We enriched the land’s sparse flora heritage —all in all there were two olive trees, two fig trees, one pine tree and around twenty oleanders (poisonous for goats, fortunately they don’t eat them)— with seeds we brought in from France and with cuttings from the island, mostly from Claudia, our friend’s garden, in Achladi.
We have gained a great deal of experience in gardens, after getting deeply involved with the International Festival of Gardens at Chaumont sur Loire, as well as a number of public works: “Loukoum Jardin” at Lille (the name is such a premonitory sign!), Manama Museum Square at Bahrein, Nelson Mandela Park at Courbevoie, Opera Square at Marseille. Each work has its own atmosphere, plants and colors. Each garden has its own bird nest.
Herbaceous plants, cacti, prickly pears, crassulas, kalankoés, agaves and aloes arborescens crop up in the rock garden’s crevices, under the pine tree. The “Red Garden” alongside the Agora is sowed with red sugarcanes, portulaca grandiflora, Christ thorn, corals, crocosmias. Plenty of sage and thyme merge through the grains of the rocky landscape. The rose garden combines red geraniums and white lilies. La vie en rose! Huge cacti and Madagascar kalankoés with velvet leaves hulk over the Mexican garden, next to the swimming pool.
The olive grove includes around twenty olive trees, sowed by us at the land’s highest spot. For the time being, the trees do their best to resist the winds, but the first olives are here and we produce our own oil. Blue prevoskias accompany their silver leaves. The grove with the four pines was sowed last summer at the main entrance. We need to wait a few years before we see the results. They will offer us protection and privacy.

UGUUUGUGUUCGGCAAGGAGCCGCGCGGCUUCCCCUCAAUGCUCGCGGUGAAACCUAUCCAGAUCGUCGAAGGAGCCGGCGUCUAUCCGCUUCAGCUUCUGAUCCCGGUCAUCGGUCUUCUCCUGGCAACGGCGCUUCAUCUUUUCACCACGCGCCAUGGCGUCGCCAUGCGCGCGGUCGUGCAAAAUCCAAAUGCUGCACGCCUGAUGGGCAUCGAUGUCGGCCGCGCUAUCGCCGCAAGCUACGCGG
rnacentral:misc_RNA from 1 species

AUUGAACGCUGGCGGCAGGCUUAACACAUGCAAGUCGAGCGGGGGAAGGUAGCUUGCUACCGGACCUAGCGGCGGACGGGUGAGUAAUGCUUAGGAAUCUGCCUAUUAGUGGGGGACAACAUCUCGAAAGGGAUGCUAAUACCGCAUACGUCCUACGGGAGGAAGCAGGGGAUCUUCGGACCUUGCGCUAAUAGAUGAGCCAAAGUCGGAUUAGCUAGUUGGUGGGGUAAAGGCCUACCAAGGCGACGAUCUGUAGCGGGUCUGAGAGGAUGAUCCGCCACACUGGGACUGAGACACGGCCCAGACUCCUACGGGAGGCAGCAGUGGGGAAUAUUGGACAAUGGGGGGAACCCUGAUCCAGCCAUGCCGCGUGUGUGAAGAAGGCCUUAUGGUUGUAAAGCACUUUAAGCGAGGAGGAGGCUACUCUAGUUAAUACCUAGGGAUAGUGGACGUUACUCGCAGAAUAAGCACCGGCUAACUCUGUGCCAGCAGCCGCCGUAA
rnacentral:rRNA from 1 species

We added fig trees in order to have enough marmalade for all, olive trees to produce our own oil, orange and lemon trees for their fruit and their astonishing scent during the spring nights. In a few years we shall be celebrating with fine white wine, from Loukoum’s vineyard.
The largest part of the land is kept in its natural condition, a true botanical garden with fennel, Jerusalem sage, sage, thyme, oregano, prickly pears and lots of wild herbs, which we frequently use in our cuisine.
Our interferences fade out gradually, integrating with the landscape of the hills and valleys. Phaethon, kyria Anna’s marvelous horse, strolls around the reed valley. We can’t ride Phaethon, but a riding school is just 1 km away from the house.
The soft bell sound signifies the presence of a herd of sheep in the area. The paper moon illuminates the scape, while silence descends from the heavens and the sea glows from afar. Lets take a walk…